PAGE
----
By Brian Peters, Community Access & Policy Specialist
The National Fair Housing Alliance has released its “2016 Fair Housing Trends Report.” In it, they note that disability-related housing discrimination complaints are now 55.1% of all fair housing complaints.
Under the federal Fair Housing Act, there are seven protected classes: race, color, national origin, disability, familial status, sex and religion. The Wisconsin Open Housing Law has similar protected classes: sex, color, disability, national origin, family status, lawful source of income, race, sexual orientation, religion, marital status, age, ancestry and status as a victim of domestic abuse, sexual abuse or stalking.
What does “protected classes” mean? It means it’s illegal to discriminate against someone because of their status as a member of a protected class. In other words, a housing provider, or a housing lender, can’t discriminate against someone because the person is “too old,” “too young,” a woman, has kids, has a disability, has “the wrong skin color,” etc. It doesn’t mean that you can’t be rejected for legitimate reasons like bad credit, bad references, etc.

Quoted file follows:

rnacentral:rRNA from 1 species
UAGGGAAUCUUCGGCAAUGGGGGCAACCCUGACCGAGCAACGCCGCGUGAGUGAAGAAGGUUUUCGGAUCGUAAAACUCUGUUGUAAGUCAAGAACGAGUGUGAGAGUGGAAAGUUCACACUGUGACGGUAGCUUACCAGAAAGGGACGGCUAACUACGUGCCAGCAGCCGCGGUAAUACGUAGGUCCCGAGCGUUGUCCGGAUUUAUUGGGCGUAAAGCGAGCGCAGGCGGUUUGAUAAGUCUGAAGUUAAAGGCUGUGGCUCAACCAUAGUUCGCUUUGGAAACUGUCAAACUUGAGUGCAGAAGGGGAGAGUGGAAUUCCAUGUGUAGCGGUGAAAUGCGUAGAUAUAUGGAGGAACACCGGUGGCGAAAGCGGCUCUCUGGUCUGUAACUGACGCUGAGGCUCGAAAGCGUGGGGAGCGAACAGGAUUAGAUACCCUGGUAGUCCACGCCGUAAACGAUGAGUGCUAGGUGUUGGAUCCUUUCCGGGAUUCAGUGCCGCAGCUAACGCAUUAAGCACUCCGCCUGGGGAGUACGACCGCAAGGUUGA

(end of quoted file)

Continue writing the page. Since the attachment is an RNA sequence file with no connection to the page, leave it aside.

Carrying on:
So why is the discrimination rate against people with disabilities so high? The National Fair Housing Alliance believes that part of the answer is that discrimination on the basis of disability is more obvious, and easier to notice than other types of discrimination.
People who feel that they may have experienced housing discrimination should contact the Metropolitan Milwaukee Fair Housing Council at 414-278-1240 V/Relay. There is also a toll-free statewide complaint intake line at 1-877-647-3247 V/Relay.